08 April 2010

Shearing Day

I'm admitedly almost two weeks late in getting this post up, but I did want to share some photos and stories from our spring sheep shearing. We have a woman who drives up from Indiana to do the job; she's an expert with fine wool breeds like our Icelandics, and watching her work has convinced us this is something we want to leave to an expert.

First, we got the entire adult flock (nine ewes and two rams) tied up with halters:

Here they are, looking in from outside:

Lisa then began shearing the ewes. Note the lambs examing Mom's huge udder and wondering what's going on:

Most of the lambs decided to hang out together until all the excitement was over.

Dilemma, the big breeding ram, had a magnificent set of horns. Unfortunately, they were badly pressing against his face and would've crushed his skull had we let him keep them. And note how badly his vision was compromised by them:

So, after getting sheared ...

We tied him with two halters, and anchored them to a pair of eye rings mounted on the barn. It was unfortunately the only way to hold him still. We then used a wire PVC cutter to saw through his horns one at a time. The friction of the wire helped cauterize the blood flow as it went through, but he still bled quite a bit. Scooter the border collie enjoyed lapping up the blood. No doubt that's a predator control instinct that got bred into him 500 years ago.

By the time we finished, and bandaged him up with gauze and duct tape, Dilemma was one very unhappy sheep (today, he's looking much better).

Adding to the indignity, the yearling ram immediately challenged his position. Dilemma, tired as he was from struggling, did put the yearling ram back in his place.

The big question was...what do we do with the horns? They were too nice to throw away, but they were of no use to us.

I put the word out on Facebook, and within days heard back from an old junior high school friend in Seattle. He's a knife enthusiast, and had put the word out on those message boards. He'd heard from someone in Alabama who was looking for ram horn to use for making knife handles. I got in contact with that person, to discuss a transaction. I'd never sold horns before, and he'd never bought them...so neither of us was sure what the market price should be. I mostly just wanted these things to be put to good use, so I told him $25 would cover the cost of shipping and cutting them off the ram. He thought that was fair, and immediately sent the money via PayPal. And I got them in the mail that afternoon.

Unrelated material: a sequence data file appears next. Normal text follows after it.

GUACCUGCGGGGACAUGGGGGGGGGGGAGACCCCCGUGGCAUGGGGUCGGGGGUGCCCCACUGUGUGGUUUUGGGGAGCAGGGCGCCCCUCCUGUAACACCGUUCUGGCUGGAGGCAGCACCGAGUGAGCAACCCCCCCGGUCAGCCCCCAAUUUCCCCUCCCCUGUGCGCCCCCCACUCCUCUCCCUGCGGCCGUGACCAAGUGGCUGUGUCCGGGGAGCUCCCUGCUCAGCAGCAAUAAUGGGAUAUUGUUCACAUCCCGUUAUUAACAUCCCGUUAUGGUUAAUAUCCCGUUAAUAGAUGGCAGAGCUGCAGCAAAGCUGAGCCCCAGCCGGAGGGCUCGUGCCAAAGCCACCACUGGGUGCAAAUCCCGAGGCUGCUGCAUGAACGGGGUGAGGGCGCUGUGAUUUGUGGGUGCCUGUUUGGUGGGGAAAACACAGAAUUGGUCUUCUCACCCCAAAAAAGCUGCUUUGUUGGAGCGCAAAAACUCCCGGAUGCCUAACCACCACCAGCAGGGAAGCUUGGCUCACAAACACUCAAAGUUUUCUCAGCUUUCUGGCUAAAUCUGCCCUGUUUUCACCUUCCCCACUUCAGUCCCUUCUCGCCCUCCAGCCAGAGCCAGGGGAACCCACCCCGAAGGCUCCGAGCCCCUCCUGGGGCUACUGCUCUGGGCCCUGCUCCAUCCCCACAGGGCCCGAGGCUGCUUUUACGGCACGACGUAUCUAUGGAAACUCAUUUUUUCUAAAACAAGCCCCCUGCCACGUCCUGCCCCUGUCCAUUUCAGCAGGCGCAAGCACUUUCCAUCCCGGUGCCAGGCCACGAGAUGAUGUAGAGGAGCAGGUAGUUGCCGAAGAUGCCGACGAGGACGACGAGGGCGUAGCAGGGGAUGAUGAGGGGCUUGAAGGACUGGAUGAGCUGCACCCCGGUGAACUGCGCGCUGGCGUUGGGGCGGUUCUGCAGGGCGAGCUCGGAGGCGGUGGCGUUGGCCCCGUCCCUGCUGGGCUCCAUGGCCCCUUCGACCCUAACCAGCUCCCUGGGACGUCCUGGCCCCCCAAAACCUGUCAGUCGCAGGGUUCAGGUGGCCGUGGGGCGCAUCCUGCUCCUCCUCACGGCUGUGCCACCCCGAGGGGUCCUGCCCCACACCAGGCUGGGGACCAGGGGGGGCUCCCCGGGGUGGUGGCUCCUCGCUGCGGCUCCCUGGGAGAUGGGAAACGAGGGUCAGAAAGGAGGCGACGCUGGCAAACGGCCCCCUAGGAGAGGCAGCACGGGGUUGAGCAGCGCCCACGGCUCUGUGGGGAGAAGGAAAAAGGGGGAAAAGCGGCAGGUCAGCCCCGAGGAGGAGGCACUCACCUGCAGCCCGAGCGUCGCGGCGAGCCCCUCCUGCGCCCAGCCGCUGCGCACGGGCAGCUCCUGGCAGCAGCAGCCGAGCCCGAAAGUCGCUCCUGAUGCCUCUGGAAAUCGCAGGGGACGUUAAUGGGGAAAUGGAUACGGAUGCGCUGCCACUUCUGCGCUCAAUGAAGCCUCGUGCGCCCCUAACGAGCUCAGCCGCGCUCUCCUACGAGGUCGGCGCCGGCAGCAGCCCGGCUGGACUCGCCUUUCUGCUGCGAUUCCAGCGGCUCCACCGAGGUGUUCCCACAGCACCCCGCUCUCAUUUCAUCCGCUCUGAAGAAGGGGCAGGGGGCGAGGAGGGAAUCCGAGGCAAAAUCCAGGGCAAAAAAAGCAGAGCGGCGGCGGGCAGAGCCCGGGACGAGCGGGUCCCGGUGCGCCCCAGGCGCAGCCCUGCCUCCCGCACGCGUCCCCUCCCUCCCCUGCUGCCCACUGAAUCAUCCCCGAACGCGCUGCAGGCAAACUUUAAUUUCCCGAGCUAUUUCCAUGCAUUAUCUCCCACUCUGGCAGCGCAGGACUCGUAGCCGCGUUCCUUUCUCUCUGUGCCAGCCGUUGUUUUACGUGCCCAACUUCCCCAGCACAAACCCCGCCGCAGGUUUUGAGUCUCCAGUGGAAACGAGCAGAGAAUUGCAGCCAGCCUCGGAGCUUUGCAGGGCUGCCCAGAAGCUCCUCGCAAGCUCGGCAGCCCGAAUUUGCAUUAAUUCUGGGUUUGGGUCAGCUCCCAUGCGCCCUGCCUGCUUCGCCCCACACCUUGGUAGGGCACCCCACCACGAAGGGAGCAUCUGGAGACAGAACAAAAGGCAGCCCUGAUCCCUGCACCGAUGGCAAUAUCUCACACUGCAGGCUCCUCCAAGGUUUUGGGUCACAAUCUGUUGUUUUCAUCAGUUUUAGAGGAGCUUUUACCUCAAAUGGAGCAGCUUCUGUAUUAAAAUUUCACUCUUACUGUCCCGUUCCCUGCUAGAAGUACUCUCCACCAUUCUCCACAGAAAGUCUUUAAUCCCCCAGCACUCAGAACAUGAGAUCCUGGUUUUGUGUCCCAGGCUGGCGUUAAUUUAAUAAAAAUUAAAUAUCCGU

Which I think is an illustration of online social networking at its best. People of similiar interests can now find each other and connect, no matter where they might be physically located. We're brought together by our interests, rather than the accidents of our geography. This is not to dismiss the importance of local communities, but rather to emphasize the positives of virtual communities.

Twenty years ago, I probably would've tossed these horns in the trash. But with the power of social networking, Dilemma's horns will someday grace the handle of a nice knife.


Anonymous said...

Poor Dilemma. I do hope you gave him the comfort of a nice warm bath to get all that blood off his coat and legs. He is a beautiful ram!

Terri said...

Dilemma looks so embarressed!Poor boy!

Sara said...

It is totally okay if you don't publish this comment, but I have to say that although you seem to be genuinely concerned with the high welfare of your animals, I find this appalling. To perform such an extreme procedure without pain control, sedation, cautery, or veterinary supervision is the stuff of nightmares. My heart breaks for that ram.